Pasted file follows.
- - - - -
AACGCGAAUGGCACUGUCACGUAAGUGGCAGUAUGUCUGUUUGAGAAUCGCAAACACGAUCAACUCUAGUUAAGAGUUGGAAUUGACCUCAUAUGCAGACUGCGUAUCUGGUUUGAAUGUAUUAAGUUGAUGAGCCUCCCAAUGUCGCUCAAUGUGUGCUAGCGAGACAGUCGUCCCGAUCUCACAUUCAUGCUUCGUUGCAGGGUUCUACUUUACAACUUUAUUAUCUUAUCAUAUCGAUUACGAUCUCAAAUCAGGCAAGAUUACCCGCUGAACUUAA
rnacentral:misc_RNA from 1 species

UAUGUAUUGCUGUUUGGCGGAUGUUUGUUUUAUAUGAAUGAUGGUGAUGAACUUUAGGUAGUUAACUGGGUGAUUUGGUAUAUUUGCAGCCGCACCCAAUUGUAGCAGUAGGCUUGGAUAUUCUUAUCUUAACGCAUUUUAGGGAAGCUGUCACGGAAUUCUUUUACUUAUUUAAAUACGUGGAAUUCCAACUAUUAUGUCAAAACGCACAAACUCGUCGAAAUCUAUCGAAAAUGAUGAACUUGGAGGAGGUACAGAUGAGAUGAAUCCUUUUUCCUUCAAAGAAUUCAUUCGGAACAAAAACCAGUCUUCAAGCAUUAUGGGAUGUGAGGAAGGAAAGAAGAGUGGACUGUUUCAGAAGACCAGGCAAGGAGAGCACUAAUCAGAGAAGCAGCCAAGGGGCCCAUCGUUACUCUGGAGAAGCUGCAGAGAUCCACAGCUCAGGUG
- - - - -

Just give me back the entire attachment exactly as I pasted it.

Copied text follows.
AACGCGAAUGGCACUGUCACGUAAGUGGCAGUAUGUCUGUUUGAGAAUCGCAAACACGAUCAACUCUAGUUAAGAGUUGGAAUUGACCUCAUAUGCAGACUGCGUAUCUGGUUUGAAUGUAUUAAGUUGAUGAGCCUCCCAAUGUCGCUCAAUGUGUGCUAGCGAGACAGUCGUCCCGAUCUCACAUUCAUGCUUCGUUGCAGGGUUCUACUUUACAACUUUAUUAUCUUAUCAUAUCGAUUACGAUCUCAAAUCAGGCAAGAUUACCCGCUGAACUUAA
rnacentral:misc_RNA from 1 species

UAUGUAUUGCUGUUUGGCGGAUGUUUGUUUUAUAUGAAUGAUGGUGAUGAACUUUAGGUAGUUAACUGGGUGAUUUGGUAUAUUUGCAGCCGCACCCAAUUGUAGCAGUAGGCUUGGAUAUUCUUAUCUUAACGCAUUUUAGGGAAGCUGUCACGGAAUUCUUUUACUUAUUUAAAUACGUGGAAUUCCAACUAUUAUGUCAAAACGCACAAACUCGUCGAAAUCUAUCGAAAAUGAUGAACUUGGAGGAGGUACAGAUGAGAUGAAUCCUUUUUCCUUCAAAGAAUUCAUUCGGAACAAAAACCAGUCUUCAAGCAUUAUGGGAUGUGAGGAAGGAAAGAAGAGUGGACUGUUUCAGAAGACCAGGCAAGGAGAGCACUAAUCAGAGAAGCAGCCAAGGGGCCCAUCGUUACUCUGGAGAAGCUGCAGAGAUCCACAGCUCAGGUG